The 400,000 highest-earning people in Britain paid nearly a third of the total income tax take last year, new figures show.
Britons earning more than £150,000 a year handed over £54.3 billion – enough to cover the entire defence budget with more than £6 billion to spare.
This was 30 per cent of the overall income tax take of £178 billion for the year to the end of March.
Britons earning more than £150,000 a year handed over £54.3 billion last year – a third of the overall income tax for the country
The group of 400,000 – who are the best-paid 1.3 per cent of the country – saw their tax contribution rise by 9 per cent from a year earlier. HM Revenue & Customs expects this to rise again to £57.9 billion this year. By contrast, people earning less than £150,000 saw their contribution grow by only 1 per cent to £123.3 billion.
The statistics highlight how the tax burden falls hardest on the wealthy.
Tory MP John Redwood said: ‘The Conservative Party has been saying for some time that there are record amounts of tax being paid by the top earners and record percentages of total tax being paid.
‘It shows that the Labour criticisms are wide of the mark.’
Separate figures reveal that the top 5 per cent of earners pocketed 24.4 per cent of the total income, but paid 48.2 per cent of all tax. The tax take from the highest-paid has risen rapidly in part because of changes to pensions.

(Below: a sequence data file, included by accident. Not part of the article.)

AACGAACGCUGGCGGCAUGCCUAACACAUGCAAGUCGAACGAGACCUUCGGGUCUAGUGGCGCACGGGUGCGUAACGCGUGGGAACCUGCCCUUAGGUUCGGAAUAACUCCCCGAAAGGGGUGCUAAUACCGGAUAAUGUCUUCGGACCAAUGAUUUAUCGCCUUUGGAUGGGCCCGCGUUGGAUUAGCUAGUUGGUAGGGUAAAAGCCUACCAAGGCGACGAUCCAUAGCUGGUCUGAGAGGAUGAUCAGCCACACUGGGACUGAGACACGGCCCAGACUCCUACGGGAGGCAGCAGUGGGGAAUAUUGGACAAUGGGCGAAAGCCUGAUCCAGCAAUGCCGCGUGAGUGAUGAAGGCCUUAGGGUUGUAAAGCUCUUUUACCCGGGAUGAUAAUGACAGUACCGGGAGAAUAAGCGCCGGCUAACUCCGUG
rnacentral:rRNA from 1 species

Some high earners have seen the maximum tax-free amount they can pay into a retirement pot cut from £40,000 a year to just £10,000. This has meant they have paid in less than before, and taken it as part of their wages instead – allowing HMRC to get its hands on it.
The group of 400,000 – who are the best-paid 1.3 per cent of the country – saw their tax contribution rise by 9 per cent from a year earlier
Clive Gawthorpe, of accountants UHY Hacker Young, said: ‘The Government appears to be quietly adding to the tax burden shouldered by high earners.’
More workers have been dragged into higher income tax brackets because the Government has not increased thresholds in line with inflation. It means that when employees’ pay goes up in line with rising prices, they end up paying extra tax.
A Treasury spokesman said: ‘We’ve taken more than a million people out of paying income tax altogether since 2015, and 31 million people pay less tax thanks to our increases in the tax-free personal allowance.’
Julian Jessop, chief economist at the Institute of Economic Affairs, warned that further tax rises could drive wealthy people to move abroad.
He said: ‘If what people want is a reasonable level of tax, then arguably these people are paying these sorts of amounts already.
‘There is a danger that if you just increase tax rates, you will end up with less tax because these are people who have a lot more choice about where they earn and live.’